fredd wrote:I thought that this quote was worth repeating. it comes from Vanguard. It cautions against lowering durations in anticipation of rising interest rates.
"While we understand investors' concerns and the natural inclination to "do something," it's important to also understand that the yield curve doesn't necessarily move uniformly across maturities. Even if rates of short-term and long-term bonds increase together—not always the case—there's no assurance that they will rise at the same rate. In fact, short-term rates can rise more than long-term rates, an outcome realized in more than half of the Vanguard Capital Markets Model's hypothetical scenarios. If that were to happen, shortening your duration to lessen your interest rate risk could potentially result in larger losses than if you maintained broad diversification."
foxfirev5 wrote:I have to agree the statement from Vanguard appears a bit self serving for my tastes.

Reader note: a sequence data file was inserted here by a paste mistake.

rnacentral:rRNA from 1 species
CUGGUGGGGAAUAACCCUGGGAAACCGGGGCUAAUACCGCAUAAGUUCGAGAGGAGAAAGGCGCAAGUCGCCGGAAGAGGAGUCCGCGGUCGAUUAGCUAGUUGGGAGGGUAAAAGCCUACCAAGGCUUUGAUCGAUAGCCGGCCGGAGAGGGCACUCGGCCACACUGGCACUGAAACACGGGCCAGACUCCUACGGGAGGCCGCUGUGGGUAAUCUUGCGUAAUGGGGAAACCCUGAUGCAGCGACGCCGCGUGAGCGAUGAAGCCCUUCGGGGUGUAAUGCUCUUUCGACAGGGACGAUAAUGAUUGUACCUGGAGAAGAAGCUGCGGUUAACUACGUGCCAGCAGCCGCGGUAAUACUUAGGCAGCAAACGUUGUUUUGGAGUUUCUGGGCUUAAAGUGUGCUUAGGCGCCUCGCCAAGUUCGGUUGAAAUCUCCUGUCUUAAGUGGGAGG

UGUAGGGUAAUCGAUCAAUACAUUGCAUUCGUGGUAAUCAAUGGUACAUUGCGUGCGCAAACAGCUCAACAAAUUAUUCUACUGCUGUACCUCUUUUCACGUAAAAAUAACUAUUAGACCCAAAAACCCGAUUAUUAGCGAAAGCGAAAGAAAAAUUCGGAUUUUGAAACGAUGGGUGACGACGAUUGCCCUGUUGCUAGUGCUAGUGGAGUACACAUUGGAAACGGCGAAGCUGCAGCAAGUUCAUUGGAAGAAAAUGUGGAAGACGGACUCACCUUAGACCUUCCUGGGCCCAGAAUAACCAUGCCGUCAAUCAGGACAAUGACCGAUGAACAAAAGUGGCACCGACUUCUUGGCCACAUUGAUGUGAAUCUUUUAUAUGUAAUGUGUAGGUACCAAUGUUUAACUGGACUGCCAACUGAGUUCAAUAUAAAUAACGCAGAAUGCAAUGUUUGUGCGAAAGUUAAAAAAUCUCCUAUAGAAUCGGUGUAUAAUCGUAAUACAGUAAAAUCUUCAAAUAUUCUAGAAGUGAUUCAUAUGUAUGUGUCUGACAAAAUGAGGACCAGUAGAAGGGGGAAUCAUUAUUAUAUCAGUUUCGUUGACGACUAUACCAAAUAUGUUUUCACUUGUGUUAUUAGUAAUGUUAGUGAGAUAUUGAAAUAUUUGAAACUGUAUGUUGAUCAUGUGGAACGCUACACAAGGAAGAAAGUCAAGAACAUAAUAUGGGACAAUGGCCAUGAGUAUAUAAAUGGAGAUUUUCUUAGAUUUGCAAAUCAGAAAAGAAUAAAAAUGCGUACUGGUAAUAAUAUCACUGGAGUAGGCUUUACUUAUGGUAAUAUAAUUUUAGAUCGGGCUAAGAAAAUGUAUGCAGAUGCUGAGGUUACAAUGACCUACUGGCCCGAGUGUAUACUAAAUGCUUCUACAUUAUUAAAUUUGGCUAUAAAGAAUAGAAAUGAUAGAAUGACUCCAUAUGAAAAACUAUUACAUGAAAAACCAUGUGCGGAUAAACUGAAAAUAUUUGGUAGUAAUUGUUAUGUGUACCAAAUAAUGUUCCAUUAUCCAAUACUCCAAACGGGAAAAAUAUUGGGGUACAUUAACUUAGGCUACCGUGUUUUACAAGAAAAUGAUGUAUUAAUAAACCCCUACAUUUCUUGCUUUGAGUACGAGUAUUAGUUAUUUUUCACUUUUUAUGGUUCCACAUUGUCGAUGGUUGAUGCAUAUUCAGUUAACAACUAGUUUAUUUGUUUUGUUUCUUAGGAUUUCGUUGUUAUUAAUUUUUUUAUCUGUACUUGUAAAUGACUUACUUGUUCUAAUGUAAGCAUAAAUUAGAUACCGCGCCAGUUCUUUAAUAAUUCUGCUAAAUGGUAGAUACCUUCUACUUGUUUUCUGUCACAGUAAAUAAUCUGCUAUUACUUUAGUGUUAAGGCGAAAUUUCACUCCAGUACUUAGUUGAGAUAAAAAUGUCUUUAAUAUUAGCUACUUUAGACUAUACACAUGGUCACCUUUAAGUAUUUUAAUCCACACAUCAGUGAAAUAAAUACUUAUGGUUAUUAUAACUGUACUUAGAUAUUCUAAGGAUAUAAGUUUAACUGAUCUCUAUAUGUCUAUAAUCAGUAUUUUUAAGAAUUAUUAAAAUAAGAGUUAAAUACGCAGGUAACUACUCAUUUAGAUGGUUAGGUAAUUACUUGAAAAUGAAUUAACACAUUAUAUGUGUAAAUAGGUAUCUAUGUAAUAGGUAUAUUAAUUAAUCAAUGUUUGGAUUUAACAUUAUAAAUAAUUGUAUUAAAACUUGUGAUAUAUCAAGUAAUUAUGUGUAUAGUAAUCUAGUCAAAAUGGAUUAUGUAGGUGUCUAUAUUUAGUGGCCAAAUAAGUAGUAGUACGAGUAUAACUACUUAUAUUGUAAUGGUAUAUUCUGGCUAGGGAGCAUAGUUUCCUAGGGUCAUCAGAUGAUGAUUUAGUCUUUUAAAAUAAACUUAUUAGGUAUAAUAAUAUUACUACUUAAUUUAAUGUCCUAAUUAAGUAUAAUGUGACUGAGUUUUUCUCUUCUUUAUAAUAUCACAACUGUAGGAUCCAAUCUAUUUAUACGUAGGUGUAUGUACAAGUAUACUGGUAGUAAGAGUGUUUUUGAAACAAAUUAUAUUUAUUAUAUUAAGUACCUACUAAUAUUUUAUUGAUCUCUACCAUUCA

gkaplan wrote:foxfirev5 wrote:I have to agree the statement from Vanguard appears a bit self serving for my tastes.
How is it self serving? Vanguard offers fixed income funds that span a wide spectrum of maturities and durations.
Munir wrote:Baloney- excuse me, I mean to say theory, theory, theory! Note that they said this occurs in their hypothetical scenarios. When and how often has it happened historically? If one's horizon is long enough to hold bond funds way beyond their current duration, there is a good possibility that one can recoup NAV losses incurred by a rise in rates. Otherwise, it becomes prudent to shorten duration of part of one's portfolio if one's judgment is that rates will not go any lower.
Also note that the Short-Term Investment Grade Fund is doing better in total return in its YTD returns than the intermediate bond funds. Why is that? I have hedged my bets by owning both intermediate and short term but let's not kid ourselves that the short duration funds will lose more NAV than longer duration funds if and when rates rise.That possibility is REMOTE.
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